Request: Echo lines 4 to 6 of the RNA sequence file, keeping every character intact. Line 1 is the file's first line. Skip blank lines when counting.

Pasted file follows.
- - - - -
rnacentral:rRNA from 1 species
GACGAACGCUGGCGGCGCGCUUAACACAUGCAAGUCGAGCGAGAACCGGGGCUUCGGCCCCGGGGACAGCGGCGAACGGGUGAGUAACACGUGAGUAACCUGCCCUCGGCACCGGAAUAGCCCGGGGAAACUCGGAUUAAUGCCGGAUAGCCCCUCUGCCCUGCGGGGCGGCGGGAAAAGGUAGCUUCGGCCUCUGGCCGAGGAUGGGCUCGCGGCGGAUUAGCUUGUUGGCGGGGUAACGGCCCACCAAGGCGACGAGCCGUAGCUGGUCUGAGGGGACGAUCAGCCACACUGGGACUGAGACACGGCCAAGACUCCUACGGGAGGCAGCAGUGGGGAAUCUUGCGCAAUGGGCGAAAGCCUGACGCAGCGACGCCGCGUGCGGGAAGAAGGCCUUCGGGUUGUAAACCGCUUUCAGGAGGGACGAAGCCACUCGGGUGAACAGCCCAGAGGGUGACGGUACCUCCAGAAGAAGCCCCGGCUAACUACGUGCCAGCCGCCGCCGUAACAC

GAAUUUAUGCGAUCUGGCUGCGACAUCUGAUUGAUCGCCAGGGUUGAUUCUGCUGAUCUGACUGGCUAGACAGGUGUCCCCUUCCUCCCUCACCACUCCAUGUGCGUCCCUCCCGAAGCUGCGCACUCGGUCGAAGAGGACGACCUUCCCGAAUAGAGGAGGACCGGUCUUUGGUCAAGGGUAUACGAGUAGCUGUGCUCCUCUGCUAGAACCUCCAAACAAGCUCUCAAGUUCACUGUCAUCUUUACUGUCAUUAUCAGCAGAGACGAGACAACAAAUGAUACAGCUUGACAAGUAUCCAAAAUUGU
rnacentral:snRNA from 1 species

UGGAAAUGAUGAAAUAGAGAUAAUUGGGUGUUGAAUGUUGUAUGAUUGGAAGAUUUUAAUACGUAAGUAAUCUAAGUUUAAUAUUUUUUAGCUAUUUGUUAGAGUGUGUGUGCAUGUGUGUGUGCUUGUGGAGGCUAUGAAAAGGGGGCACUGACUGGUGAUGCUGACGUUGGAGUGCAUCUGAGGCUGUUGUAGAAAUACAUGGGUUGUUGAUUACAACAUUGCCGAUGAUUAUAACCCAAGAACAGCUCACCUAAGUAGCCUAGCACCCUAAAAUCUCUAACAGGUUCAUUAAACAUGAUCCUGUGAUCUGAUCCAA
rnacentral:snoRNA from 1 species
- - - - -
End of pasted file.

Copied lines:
rnacentral:snRNA from 1 species

UGGAAAUGAUGAAAUAGAGAUAAUUGGGUGUUGAAUGUUGUAUGAUUGGAAGAUUUUAAUACGUAAGUAAUCUAAGUUUAAUAUUUUUUAGCUAUUUGUUAGAGUGUGUGUGCAUGUGUGUGUGCUUGUGGAGGCUAUGAAAAGGGGGCACUGACUGGUGAUGCUGACGUUGGAGUGCAUCUGAGGCUGUUGUAGAAAUACAUGGGUUGUUGAUUACAACAUUGCCGAUGAUUAUAACCCAAGAACAGCUCACCUAAGUAGCCUAGCACCCUAAAAUCUCUAACAGGUUCAUUAAACAUGAUCCUGUGAUCUGAUCCAA
rnacentral:snoRNA from 1 species